Beginning of April was glorious because I was on vacation and travelled to Lesotho with another volunteer, Mike (who is conveniently my boyfriend and closest neighbor). Lesotho is one of two small landlocked countries that resides inside of South Africa, along with Swaziland-which I would also love to visit. The country (with the exception of the capital, Maseru, which really is not very beautiful) is absolutely amazing and plucked straight from a National Geographic. Maybe you can blame it on seeing the same dry, arid landscape for eight months, or the fact that we have not been able to leave Botswana yet and we were getting anxious to peace out and explore, but regardless, it was wonderful. I can say that with confidence because my blisters that completely riddled my feet last week are healing quite nicely and the memories of me pathetically hobbling over mountains with my bandaged feet are starting to fade and be replaced with the beauty of waking up every morning surrounded by insanely isolated villages. Let me just throw in a little back story here. A few months ago Mike and I started to look into hiking through Lesotho, because it had always been a dream of his since realizing he would be living in Southern Africa. I was just like everyone else, meaning I finally went and googled 'Lesotho' after he talked about it enough times and it seemed likely enough we could travel there. I looked into pony treks, which is what the country is famous for, and then remembered I was not especially fond of ponies and I would much rather backpack, Mike agreed. I should have realized by the complete lack of any reviews of backpacking in Lesotho, that not many people did it, and now I know why. We did four days three night backpacking with a guide, which we absolutely needed or we would have been lost in roughly 25 minutes. We stayed in remote villages along the way, in predetermined and booked huts. It was four days of going up, and down, and up, and back down. Which makes sense, they are mountains, but we were unprepared for how hard it would be. I do not remember the mileage but it was between 8-10 hours a day. Luckily, we had amazing views to keep us going. By the fourth day I would have given my left kidney for a Sherpa or a minibus, and don't you worry, I attempted to find both. But alas, we happily (haha) limped back to our lodge, Mike with a painful knee, and me with a couple bum and blistered feet. I am ready to start planning our next trip.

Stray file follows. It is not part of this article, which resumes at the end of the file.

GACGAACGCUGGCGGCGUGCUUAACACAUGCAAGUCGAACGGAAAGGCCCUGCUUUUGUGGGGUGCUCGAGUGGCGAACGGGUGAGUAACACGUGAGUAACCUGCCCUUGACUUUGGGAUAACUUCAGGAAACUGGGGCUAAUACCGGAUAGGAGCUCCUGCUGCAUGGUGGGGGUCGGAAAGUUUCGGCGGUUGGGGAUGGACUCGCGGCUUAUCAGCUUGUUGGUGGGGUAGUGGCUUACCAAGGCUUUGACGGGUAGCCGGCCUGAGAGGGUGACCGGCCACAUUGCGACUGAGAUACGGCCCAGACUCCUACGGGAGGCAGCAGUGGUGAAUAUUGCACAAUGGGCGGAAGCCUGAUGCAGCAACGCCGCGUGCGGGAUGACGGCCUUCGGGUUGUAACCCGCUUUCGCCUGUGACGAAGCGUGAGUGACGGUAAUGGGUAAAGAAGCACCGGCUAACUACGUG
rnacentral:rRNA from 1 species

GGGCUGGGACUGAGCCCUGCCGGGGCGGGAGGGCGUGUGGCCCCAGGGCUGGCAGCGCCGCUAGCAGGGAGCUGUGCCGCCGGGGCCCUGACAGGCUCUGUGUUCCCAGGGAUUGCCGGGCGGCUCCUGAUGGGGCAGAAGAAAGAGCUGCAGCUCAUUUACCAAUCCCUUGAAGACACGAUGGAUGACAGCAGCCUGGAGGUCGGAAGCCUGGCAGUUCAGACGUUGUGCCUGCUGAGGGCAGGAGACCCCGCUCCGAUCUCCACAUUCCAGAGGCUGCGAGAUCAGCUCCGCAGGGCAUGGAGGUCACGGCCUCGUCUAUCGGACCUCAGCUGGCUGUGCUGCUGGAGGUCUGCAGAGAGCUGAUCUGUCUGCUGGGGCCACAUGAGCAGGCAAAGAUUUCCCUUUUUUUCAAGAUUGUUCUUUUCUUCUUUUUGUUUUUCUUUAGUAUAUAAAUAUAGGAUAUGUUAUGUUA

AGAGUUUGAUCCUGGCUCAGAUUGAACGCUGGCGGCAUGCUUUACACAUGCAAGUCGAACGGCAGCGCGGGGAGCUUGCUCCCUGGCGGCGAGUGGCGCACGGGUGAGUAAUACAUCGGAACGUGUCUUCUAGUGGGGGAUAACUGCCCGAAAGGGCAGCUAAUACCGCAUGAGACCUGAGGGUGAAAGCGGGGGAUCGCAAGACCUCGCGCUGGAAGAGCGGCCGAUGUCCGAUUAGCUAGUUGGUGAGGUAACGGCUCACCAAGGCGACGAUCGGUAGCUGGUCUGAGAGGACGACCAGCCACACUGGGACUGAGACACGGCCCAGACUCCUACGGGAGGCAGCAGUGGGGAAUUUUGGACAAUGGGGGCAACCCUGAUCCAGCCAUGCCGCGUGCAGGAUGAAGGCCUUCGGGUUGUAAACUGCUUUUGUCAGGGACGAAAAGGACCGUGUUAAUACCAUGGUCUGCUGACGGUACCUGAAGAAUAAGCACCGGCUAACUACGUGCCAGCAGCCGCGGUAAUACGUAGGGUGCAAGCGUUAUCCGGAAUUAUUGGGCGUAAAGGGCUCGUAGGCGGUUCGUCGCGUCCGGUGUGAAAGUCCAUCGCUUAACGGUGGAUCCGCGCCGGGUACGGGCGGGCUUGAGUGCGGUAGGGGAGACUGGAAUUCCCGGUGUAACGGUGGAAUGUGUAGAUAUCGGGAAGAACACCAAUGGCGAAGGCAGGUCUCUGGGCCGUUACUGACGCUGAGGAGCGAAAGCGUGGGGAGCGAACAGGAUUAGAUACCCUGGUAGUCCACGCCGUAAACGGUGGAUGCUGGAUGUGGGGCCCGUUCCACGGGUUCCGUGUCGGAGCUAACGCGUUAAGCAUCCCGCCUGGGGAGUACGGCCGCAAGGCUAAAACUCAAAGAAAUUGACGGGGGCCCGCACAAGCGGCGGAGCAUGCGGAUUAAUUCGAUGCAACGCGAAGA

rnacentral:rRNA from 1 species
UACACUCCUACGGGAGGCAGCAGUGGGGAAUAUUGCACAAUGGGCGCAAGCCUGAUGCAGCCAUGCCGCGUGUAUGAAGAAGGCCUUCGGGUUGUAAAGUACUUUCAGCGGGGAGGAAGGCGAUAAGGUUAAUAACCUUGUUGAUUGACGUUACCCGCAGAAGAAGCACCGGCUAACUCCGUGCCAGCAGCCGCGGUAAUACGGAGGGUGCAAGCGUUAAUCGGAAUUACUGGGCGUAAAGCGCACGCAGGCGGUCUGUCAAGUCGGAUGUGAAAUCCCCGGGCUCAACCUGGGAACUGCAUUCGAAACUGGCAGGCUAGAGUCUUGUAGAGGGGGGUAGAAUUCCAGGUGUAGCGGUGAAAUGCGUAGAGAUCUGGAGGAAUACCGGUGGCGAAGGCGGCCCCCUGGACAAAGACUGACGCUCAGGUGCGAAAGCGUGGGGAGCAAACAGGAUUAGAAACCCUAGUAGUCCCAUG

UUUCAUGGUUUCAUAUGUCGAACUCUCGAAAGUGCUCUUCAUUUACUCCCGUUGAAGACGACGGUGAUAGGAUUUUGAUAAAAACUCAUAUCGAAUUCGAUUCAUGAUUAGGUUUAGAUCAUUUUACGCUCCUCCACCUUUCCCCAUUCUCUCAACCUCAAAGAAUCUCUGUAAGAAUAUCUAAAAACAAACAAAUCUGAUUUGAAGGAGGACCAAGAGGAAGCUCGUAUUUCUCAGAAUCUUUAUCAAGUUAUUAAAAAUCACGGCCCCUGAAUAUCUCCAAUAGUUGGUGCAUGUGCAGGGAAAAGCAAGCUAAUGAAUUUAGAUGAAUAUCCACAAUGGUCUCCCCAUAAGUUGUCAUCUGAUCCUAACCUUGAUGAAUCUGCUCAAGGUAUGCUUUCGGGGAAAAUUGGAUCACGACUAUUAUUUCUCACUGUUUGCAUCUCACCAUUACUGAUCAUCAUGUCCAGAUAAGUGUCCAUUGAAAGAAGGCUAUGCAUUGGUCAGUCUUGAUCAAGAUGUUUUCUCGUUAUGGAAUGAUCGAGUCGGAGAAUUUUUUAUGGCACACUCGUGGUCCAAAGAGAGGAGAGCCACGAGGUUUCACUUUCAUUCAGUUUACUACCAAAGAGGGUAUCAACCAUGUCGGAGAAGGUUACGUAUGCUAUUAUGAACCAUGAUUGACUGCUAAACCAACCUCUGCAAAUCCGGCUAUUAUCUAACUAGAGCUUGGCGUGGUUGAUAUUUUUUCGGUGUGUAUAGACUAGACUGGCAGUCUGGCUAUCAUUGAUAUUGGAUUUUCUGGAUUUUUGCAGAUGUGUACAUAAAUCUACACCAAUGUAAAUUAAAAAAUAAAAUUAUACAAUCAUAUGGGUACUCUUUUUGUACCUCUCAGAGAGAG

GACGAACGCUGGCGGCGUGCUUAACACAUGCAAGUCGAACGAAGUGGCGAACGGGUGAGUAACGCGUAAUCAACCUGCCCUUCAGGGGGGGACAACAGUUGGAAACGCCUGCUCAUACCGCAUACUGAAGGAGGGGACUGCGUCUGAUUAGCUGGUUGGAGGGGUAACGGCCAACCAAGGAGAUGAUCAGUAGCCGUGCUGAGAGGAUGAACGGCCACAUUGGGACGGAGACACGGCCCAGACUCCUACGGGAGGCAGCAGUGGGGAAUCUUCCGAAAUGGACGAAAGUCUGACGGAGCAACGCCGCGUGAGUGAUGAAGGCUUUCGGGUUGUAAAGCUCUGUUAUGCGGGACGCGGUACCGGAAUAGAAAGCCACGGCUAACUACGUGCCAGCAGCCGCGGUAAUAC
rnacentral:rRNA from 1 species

The lodge, Malealea, was great and I would go back. It had a great backpackers vibe and we were lucky to meet some interesting people from all over, including seven Americans. I thought it was strange to talk face to face with another American that is not in Peace Corps, considering I had not actually done it in eight months. It was exhausting. It's easy enough my write out 'Yeah, everything is great here and I love Botswana' in an email, but actually having to talk to someone about it, and to stay positive is really hard, I was not expecting it. It's not that I don't like Botswana, because I do, but people want to hear about PC as this awesome life changing, doing amazing projects and stuff, and that's just not me right now, and I don't like to be a negative nancy. I think most volunteers agree that we have a weird on again off again relationship with our host country.
The projects I'm doing now are fitness classes still, computer classes, I've done one nutrition talk with many more to come (these I actually do quite like), trying to get the HIV support group functioning, trying to work with mothers of malnourished children under five. Trying to get a couple grants done with some community members. Lots of trying, little doing. But I'm ready to bust out these next few months and start some good stuff.